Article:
The biggest drawcard for Pokémon Go isn’t its augmented reality mode, or geolocation, or the fact it is a free smartphone game — it is the fact that it is Pokémon. A whole generation who grew up with the franchise took one look at a free smartphone game with Pokémon all over it and instantly wanted to live out their dream of being a Pokémaster. That’s totally okay. Louise Blain at GamesRadar+ believes experiences like “Batman: Arkham VR” will be the ultimate wish fulfilment in VR too. Franchises seem to be key to showing people the potential of new technology. Maybe they are the bridge we need to build to get users across?
Unlike with VR however, AR experiences like that of Pokémon Go do not require the user to go out and get a headset, so initial adoption might be much easier. Household adoption of the HoloLens, Meta 2, Magic Leap and so on might be a bit tougher. A partnership between Magic Leap and Lucasfilm is already afoot.
If the success of Pokémon Go has you believing that agencies and game studios everywhere are now rushing to build AR applications for the sake of it, don’t jump to that conclusion just yet. Wise agencies and studios are carefully looking for valuable applications that are right for this space, just as developers should be. The VP at Isobar, a global creative marketing agency, and other agencies know that the Pokémon presence had a big part to play in the game’s adoption:
“Although the technology has had a strong hand in the functionality, Dave Meeker, Isobar’s VP U.S., says the success of the game has more to do with the nostalgia of Pokémon and the context in which the technology is implemented.” – IoT Daily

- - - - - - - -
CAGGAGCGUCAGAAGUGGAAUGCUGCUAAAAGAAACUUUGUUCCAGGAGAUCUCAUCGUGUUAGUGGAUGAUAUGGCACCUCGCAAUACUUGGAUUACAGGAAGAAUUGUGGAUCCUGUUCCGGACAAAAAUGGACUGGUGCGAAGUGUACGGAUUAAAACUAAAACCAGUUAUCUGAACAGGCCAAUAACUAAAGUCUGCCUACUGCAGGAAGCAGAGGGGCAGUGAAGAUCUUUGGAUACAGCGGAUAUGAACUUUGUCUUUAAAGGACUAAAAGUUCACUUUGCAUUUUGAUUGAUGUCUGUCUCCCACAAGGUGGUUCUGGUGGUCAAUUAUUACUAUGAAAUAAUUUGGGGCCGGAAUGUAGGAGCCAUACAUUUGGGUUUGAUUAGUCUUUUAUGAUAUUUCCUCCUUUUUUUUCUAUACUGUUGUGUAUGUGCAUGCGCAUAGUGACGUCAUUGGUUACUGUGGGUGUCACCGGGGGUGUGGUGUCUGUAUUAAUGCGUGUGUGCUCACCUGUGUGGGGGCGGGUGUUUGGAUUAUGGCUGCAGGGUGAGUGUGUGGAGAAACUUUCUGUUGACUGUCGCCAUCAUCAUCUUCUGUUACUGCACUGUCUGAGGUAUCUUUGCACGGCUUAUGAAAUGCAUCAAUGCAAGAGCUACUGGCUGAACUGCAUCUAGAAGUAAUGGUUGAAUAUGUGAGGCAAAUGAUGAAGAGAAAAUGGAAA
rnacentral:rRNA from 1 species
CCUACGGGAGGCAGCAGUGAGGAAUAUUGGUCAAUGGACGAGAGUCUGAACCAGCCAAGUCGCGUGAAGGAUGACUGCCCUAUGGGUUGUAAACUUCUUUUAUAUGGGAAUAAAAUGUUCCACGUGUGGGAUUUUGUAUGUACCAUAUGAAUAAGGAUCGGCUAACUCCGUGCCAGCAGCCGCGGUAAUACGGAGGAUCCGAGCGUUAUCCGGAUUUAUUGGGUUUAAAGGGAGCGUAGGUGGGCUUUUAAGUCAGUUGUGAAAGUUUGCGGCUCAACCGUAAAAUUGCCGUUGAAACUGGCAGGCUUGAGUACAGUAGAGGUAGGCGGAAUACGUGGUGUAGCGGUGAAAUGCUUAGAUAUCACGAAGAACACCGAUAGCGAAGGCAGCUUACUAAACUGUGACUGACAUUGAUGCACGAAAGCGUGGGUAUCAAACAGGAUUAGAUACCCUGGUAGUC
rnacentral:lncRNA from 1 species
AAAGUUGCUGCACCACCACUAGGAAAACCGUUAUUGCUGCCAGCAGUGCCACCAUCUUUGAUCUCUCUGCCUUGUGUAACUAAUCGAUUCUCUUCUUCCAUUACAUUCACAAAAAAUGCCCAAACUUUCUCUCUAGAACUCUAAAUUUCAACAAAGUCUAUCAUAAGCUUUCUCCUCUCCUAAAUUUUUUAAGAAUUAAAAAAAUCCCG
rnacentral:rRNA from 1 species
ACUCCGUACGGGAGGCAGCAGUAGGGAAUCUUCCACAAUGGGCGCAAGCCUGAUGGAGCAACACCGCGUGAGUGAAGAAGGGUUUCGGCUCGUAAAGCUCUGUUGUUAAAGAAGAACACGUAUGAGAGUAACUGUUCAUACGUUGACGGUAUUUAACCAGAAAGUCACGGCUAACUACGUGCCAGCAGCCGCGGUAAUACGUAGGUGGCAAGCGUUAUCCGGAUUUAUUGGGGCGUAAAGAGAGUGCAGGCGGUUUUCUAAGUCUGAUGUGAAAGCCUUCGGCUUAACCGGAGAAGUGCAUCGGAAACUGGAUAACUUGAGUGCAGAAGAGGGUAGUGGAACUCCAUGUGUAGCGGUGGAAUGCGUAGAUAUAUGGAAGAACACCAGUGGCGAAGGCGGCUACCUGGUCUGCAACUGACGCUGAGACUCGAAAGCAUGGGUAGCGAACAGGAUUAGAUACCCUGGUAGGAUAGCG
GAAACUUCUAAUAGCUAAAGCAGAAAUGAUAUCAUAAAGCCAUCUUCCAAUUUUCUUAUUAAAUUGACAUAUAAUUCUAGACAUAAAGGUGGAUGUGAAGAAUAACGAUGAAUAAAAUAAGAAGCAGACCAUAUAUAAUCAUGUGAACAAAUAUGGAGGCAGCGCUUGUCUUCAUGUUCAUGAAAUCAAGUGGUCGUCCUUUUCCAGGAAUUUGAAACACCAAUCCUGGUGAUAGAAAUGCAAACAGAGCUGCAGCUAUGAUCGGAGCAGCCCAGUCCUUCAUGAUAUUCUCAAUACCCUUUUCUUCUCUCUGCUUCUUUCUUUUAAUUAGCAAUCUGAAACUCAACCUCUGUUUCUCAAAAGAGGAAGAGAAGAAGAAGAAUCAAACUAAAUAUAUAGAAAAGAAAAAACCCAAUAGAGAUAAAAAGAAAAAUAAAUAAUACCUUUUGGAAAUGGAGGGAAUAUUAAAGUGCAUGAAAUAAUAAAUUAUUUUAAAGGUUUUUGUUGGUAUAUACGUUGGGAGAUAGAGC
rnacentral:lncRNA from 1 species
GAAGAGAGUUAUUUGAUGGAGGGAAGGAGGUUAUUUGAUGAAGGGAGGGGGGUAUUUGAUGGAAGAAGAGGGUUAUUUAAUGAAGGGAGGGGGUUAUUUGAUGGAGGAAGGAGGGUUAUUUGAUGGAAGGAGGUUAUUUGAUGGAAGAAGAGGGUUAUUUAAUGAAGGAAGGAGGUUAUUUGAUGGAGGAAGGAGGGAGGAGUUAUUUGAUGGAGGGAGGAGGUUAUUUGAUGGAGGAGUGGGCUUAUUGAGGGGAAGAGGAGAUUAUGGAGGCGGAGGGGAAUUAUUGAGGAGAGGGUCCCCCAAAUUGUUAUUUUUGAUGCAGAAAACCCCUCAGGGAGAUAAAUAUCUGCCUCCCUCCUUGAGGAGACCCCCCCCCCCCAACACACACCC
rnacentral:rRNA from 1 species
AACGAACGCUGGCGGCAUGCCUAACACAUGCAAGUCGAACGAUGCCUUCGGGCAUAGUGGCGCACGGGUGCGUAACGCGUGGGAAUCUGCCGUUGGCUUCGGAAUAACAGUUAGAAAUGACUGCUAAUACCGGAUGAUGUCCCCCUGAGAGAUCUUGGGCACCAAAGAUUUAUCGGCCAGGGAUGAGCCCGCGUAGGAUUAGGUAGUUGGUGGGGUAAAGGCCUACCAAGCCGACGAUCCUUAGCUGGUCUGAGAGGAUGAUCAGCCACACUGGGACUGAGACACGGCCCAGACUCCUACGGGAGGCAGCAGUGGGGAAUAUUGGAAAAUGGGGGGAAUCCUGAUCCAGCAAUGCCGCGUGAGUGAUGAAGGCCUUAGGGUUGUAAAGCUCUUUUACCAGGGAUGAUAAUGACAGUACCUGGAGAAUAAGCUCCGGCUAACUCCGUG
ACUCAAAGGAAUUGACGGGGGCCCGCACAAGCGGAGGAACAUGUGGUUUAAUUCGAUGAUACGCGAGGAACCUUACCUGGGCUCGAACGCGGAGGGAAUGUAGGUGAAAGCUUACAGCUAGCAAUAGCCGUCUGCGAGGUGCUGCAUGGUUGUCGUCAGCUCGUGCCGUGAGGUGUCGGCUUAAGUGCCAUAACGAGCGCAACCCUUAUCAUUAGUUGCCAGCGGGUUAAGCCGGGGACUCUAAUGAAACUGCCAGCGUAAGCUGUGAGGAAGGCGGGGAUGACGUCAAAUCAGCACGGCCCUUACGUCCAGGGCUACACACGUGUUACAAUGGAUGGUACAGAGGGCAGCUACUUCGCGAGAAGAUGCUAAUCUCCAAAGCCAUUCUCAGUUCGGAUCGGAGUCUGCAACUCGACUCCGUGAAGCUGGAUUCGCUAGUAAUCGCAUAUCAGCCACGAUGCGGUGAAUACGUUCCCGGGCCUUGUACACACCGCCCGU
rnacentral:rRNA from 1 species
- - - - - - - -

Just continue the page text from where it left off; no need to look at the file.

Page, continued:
That isn’t causing agencies to completely disregard augmented and mixed reality either. Dave Meeker points out in the IoT Daily article quoted above that “if you’re not looking at this stuff right now, you should be, […] we’re looking at a very cool world in three to five years.”
While it will be harder to get households to adopt augmented and mixed reality headsets, Pokémon Go just might serve as a perfect way to show why they’d be valuable. Experiences that sync to your real world location and “AR Mode” gameplay will feel much more natural in a headset. The dangers of people not paying close attention to where they are walking while playing Pokémon Go (or doing anything else on their smartphone for that matter) will hopefully fade away with headsets like the HoloLens, Meta 2, ODG Smartglasses and Magic Leap. This style of gameplay would work best (and be much safer) on a headset. Even John Hanke, chief executive of the company that made “Pokémon Go”, is eager to see the game played using smart contact lenses one day.
There are already four demos out there of Pokémon Go on an augmented or mixed reality headset:
A great advantage of having smartglasses which run Android:
— OsterhoutDesignGroup (@OsterhoutGroup) July 15, 2016
The team at Optinvent put together a short demo of Pokémon Go working on their upcoming ORA-2 smartglasses. Their AR headset is much more like Google Glass which works neatly for a port across from the smartphone version.
This HoloLens demo was built by the team at Koder in two days and shows a Pokémon Go-inspired experience running on the HoloLens that largely shows Pokémon placed around an outdoor area that you cannot interact with:
This Pokémon Go prototype by Capitola VR took a different approach and built a prototype HoloLens experience that lets them capture Pokémon in mixed reality using a hand gesture.
— David Robustelli (@RobustelliDavid) July 14, 2016
The more people see demos like these, the more eager they’ll be to have augmented reality and mixed reality headsets when they are released for reasonable prices to consumers.
Developers — now that society has experienced “AR Mode” in Pokémon Go, it’s your turn to step up to the bat. Show just how much more can be done with the medium by building solid, well thought out applications that move the industry forward. There has never been a better time!
We talk all about the latest in VR/AR, IoT, AI, robotics, maker news & more, followed by Q&A & live tech tinkering!